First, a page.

“It’s not just me for you / I have to look out too / I have to save my life / I need some peace of mind.” Indie rock god, Angel Olsen made huge waves with her 2014 album, Burn Your Fire for No Witness. The first track on the album is called “Unf*cktheworld.” Which, if you’re going through some things, seems like the right sentiment. The song ends with the lyrics “I am the only one now” repeated several times.
Accepting that you need to look out for yourself to move on is a big part of the healing process. Which is why the next stage of denial is anger.
Destroyer – Lala Lala
Where denial is a coping mechanism, anger is a masking one. While your rational brain knows the object of your anger isn’t to blame, your feelings at that moment are often too intense to feel that. Chicago-based Lala Lala has an excellent song (off an equally excellent album, The Lamb) called “Destroyer” that bridges the gap between sadness and anger. The chorus pulses with intensity “You are the reason / You are the reason / You are the reason my heart broke behind my back.”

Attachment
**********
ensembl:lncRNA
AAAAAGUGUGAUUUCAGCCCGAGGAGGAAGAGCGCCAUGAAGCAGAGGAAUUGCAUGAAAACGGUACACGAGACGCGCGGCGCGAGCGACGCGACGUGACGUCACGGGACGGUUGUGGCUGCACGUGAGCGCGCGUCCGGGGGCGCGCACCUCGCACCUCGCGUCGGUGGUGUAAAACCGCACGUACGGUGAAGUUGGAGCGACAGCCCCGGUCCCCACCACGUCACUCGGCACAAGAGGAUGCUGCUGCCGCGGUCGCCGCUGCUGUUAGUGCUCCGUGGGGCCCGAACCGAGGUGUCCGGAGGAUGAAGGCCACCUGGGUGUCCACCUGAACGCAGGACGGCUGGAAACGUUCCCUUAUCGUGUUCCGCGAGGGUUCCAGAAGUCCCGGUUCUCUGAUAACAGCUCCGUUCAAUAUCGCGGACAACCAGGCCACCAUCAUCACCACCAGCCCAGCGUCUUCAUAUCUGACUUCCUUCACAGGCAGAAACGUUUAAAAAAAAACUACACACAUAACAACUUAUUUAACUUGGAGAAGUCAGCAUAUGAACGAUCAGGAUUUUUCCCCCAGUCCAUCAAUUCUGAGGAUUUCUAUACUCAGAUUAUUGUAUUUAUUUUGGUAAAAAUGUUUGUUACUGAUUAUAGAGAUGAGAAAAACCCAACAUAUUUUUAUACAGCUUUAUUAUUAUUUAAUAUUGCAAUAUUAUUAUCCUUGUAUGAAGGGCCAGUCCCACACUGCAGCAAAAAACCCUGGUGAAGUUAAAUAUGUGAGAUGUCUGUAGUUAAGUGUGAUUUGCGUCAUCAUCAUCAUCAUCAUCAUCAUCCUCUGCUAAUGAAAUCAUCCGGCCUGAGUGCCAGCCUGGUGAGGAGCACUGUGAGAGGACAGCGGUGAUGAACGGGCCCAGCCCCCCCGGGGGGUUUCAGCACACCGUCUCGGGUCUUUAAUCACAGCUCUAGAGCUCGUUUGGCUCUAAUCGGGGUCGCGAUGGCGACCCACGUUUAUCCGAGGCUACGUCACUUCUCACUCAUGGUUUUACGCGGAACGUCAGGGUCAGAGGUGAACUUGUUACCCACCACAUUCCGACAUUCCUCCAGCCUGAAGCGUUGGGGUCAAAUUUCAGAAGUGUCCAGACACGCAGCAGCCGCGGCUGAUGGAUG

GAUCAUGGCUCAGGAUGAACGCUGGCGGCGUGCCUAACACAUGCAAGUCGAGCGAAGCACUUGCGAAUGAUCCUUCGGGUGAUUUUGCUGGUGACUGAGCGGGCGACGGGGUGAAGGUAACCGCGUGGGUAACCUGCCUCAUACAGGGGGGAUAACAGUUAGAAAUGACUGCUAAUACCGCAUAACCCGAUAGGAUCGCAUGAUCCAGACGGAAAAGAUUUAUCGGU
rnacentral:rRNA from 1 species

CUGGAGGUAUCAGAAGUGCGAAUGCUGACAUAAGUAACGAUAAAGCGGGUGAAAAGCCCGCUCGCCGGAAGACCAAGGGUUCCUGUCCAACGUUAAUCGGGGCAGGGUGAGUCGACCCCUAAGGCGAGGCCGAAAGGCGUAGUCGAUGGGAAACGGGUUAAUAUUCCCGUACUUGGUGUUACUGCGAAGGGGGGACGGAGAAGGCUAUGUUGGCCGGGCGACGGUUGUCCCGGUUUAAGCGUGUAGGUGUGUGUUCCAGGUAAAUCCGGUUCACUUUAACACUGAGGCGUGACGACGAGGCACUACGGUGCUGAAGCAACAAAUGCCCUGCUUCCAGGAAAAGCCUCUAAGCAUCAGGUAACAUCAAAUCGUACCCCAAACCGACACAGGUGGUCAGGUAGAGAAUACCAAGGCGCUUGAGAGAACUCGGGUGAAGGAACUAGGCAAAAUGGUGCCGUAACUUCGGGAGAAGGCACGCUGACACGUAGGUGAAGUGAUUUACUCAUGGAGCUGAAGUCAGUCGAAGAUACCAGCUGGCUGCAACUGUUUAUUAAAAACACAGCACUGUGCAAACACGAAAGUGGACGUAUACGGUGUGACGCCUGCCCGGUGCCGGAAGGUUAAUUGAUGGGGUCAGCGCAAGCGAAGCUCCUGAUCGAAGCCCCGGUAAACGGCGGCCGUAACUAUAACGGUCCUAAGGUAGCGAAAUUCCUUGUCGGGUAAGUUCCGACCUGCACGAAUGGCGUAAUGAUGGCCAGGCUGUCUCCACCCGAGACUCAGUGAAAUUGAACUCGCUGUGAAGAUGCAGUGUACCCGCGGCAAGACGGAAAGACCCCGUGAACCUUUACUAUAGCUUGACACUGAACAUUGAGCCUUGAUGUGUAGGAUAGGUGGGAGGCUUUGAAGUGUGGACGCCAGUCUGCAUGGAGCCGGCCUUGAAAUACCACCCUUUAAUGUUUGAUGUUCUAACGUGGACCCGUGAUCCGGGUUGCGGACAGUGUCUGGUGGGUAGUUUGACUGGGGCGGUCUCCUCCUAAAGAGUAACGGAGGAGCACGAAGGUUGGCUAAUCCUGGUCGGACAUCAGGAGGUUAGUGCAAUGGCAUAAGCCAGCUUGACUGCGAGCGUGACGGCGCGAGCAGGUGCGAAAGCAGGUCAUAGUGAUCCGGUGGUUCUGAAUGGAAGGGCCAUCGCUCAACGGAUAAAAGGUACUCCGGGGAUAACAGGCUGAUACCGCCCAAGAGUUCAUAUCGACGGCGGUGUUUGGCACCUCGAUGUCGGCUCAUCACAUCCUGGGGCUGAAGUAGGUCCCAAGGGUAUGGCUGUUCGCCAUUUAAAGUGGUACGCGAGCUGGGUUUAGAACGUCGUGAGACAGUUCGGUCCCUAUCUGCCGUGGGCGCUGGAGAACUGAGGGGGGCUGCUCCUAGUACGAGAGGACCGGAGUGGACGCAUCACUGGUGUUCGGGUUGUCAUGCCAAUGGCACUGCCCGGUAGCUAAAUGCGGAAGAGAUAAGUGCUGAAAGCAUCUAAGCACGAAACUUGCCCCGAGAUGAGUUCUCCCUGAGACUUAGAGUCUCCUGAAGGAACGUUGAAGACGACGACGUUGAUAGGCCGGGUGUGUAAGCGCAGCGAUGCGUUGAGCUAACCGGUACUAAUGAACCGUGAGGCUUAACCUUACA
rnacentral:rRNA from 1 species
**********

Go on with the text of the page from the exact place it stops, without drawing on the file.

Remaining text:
Limp – Fiona Apple
Fiona Apple‘s sophomore album, When the Pawn… never received the same praise as her debut. The album is aggressive, raw, and full of emotion. The track “Limp” is particularly good to listen to when you want to blow off some steam. The lyrics of this song are especially good when one yells them, “And when I think of it, my fingers turn to fists / I never did anything to you, man / But no matter what I try, you’ll beat me with your bitter lies / So call me crazy, hold me down / Make me cry, get off now, baby / It won’t be long ’til you’ll be lying limp in your own hands.
Whew! That should help get some stuff off your chest. During grief, you may feel vulnerable and helpless. Anger often turns to bargains as a means of feeling like you’re in control. For this reason, in the bargaining stage of grief, you may find yourself creating a lot of “what if” and “if only” statements.